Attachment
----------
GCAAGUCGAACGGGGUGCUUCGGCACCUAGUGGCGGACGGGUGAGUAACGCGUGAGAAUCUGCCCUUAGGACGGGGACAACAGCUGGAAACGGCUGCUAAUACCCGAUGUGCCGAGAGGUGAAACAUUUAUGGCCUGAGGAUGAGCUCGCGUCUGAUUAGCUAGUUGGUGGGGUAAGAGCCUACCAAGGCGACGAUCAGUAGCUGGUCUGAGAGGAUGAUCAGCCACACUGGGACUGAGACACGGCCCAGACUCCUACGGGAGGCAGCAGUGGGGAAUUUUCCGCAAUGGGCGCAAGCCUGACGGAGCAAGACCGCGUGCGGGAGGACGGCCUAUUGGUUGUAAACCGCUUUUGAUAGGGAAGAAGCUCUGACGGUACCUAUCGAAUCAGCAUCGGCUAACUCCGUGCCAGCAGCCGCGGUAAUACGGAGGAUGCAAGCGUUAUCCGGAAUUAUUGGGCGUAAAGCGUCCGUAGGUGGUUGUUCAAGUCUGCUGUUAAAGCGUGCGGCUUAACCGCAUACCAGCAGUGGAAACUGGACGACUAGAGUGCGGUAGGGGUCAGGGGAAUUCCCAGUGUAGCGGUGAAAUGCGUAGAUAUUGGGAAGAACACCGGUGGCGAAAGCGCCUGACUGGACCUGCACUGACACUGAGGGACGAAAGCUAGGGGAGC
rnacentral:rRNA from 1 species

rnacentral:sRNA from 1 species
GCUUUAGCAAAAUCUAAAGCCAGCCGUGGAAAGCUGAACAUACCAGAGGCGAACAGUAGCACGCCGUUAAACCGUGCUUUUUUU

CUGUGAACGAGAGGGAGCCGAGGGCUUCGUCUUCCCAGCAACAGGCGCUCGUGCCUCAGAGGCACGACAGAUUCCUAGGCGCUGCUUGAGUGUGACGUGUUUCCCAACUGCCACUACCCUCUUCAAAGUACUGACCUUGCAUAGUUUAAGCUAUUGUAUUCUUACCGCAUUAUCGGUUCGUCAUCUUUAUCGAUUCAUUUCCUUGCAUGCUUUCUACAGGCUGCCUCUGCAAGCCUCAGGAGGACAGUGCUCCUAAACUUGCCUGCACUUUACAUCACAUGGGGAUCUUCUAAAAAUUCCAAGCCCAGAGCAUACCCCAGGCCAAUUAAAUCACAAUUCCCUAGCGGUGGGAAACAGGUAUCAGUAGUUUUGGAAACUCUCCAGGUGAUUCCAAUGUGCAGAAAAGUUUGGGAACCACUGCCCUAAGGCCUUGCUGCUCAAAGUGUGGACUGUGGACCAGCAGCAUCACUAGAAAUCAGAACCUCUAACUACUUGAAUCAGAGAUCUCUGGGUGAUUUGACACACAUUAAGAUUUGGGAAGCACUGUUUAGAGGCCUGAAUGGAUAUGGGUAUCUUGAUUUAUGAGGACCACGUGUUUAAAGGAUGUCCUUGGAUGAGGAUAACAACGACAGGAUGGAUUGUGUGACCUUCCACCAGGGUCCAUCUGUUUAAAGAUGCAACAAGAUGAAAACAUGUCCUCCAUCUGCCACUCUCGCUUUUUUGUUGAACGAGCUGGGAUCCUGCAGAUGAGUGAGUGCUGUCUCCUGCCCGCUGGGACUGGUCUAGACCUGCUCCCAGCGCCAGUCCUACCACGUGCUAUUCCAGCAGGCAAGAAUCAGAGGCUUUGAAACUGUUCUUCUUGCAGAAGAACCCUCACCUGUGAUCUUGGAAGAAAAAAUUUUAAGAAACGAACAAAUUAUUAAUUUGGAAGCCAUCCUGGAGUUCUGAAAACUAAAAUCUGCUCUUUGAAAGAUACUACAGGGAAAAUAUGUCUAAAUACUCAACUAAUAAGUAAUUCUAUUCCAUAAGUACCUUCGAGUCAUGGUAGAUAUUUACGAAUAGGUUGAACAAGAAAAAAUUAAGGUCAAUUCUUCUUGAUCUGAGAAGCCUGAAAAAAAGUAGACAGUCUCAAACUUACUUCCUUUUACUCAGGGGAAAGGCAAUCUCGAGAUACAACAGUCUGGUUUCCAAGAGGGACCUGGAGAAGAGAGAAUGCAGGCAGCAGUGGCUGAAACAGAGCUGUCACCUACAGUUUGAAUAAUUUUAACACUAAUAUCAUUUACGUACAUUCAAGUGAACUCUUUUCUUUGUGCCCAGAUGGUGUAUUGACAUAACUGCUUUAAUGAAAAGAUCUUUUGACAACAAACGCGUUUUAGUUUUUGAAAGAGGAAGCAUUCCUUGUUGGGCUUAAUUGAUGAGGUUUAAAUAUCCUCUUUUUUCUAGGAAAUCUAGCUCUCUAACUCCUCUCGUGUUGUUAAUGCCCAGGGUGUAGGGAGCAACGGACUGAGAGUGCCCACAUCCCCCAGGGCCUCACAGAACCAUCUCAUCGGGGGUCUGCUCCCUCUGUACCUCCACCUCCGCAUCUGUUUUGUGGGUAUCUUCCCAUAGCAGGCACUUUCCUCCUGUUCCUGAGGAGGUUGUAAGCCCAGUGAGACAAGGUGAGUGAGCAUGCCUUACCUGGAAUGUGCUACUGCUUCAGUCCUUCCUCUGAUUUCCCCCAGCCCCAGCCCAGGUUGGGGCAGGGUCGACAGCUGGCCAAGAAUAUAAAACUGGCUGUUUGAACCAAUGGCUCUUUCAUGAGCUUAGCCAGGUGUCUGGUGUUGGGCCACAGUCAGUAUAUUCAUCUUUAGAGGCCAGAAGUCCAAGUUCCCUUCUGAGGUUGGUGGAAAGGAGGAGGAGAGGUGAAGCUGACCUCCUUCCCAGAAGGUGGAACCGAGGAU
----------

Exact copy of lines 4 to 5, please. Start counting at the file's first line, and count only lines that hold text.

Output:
GCUUUAGCAAAAUCUAAAGCCAGCCGUGGAAAGCUGAACAUACCAGAGGCGAACAGUAGCACGCCGUUAAACCGUGCUUUUUUU

CUGUGAACGAGAGGGAGCCGAGGGCUUCGUCUUCCCAGCAACAGGCGCUCGUGCCUCAGAGGCACGACAGAUUCCUAGGCGCUGCUUGAGUGUGACGUGUUUCCCAACUGCCACUACCCUCUUCAAAGUACUGACCUUGCAUAGUUUAAGCUAUUGUAUUCUUACCGCAUUAUCGGUUCGUCAUCUUUAUCGAUUCAUUUCCUUGCAUGCUUUCUACAGGCUGCCUCUGCAAGCCUCAGGAGGACAGUGCUCCUAAACUUGCCUGCACUUUACAUCACAUGGGGAUCUUCUAAAAAUUCCAAGCCCAGAGCAUACCCCAGGCCAAUUAAAUCACAAUUCCCUAGCGGUGGGAAACAGGUAUCAGUAGUUUUGGAAACUCUCCAGGUGAUUCCAAUGUGCAGAAAAGUUUGGGAACCACUGCCCUAAGGCCUUGCUGCUCAAAGUGUGGACUGUGGACCAGCAGCAUCACUAGAAAUCAGAACCUCUAACUACUUGAAUCAGAGAUCUCUGGGUGAUUUGACACACAUUAAGAUUUGGGAAGCACUGUUUAGAGGCCUGAAUGGAUAUGGGUAUCUUGAUUUAUGAGGACCACGUGUUUAAAGGAUGUCCUUGGAUGAGGAUAACAACGACAGGAUGGAUUGUGUGACCUUCCACCAGGGUCCAUCUGUUUAAAGAUGCAACAAGAUGAAAACAUGUCCUCCAUCUGCCACUCUCGCUUUUUUGUUGAACGAGCUGGGAUCCUGCAGAUGAGUGAGUGCUGUCUCCUGCCCGCUGGGACUGGUCUAGACCUGCUCCCAGCGCCAGUCCUACCACGUGCUAUUCCAGCAGGCAAGAAUCAGAGGCUUUGAAACUGUUCUUCUUGCAGAAGAACCCUCACCUGUGAUCUUGGAAGAAAAAAUUUUAAGAAACGAACAAAUUAUUAAUUUGGAAGCCAUCCUGGAGUUCUGAAAACUAAAAUCUGCUCUUUGAAAGAUACUACAGGGAAAAUAUGUCUAAAUACUCAACUAAUAAGUAAUUCUAUUCCAUAAGUACCUUCGAGUCAUGGUAGAUAUUUACGAAUAGGUUGAACAAGAAAAAAUUAAGGUCAAUUCUUCUUGAUCUGAGAAGCCUGAAAAAAAGUAGACAGUCUCAAACUUACUUCCUUUUACUCAGGGGAAAGGCAAUCUCGAGAUACAACAGUCUGGUUUCCAAGAGGGACCUGGAGAAGAGAGAAUGCAGGCAGCAGUGGCUGAAACAGAGCUGUCACCUACAGUUUGAAUAAUUUUAACACUAAUAUCAUUUACGUACAUUCAAGUGAACUCUUUUCUUUGUGCCCAGAUGGUGUAUUGACAUAACUGCUUUAAUGAAAAGAUCUUUUGACAACAAACGCGUUUUAGUUUUUGAAAGAGGAAGCAUUCCUUGUUGGGCUUAAUUGAUGAGGUUUAAAUAUCCUCUUUUUUCUAGGAAAUCUAGCUCUCUAACUCCUCUCGUGUUGUUAAUGCCCAGGGUGUAGGGAGCAACGGACUGAGAGUGCCCACAUCCCCCAGGGCCUCACAGAACCAUCUCAUCGGGGGUCUGCUCCCUCUGUACCUCCACCUCCGCAUCUGUUUUGUGGGUAUCUUCCCAUAGCAGGCACUUUCCUCCUGUUCCUGAGGAGGUUGUAAGCCCAGUGAGACAAGGUGAGUGAGCAUGCCUUACCUGGAAUGUGCUACUGCUUCAGUCCUUCCUCUGAUUUCCCCCAGCCCCAGCCCAGGUUGGGGCAGGGUCGACAGCUGGCCAAGAAUAUAAAACUGGCUGUUUGAACCAAUGGCUCUUUCAUGAGCUUAGCCAGGUGUCUGGUGUUGGGCCACAGUCAGUAUAUUCAUCUUUAGAGGCCAGAAGUCCAAGUUCCCUUCUGAGGUUGGUGGAAAGGAGGAGGAGAGGUGAAGCUGACCUCCUUCCCAGAAGGUGGAACCGAGGAU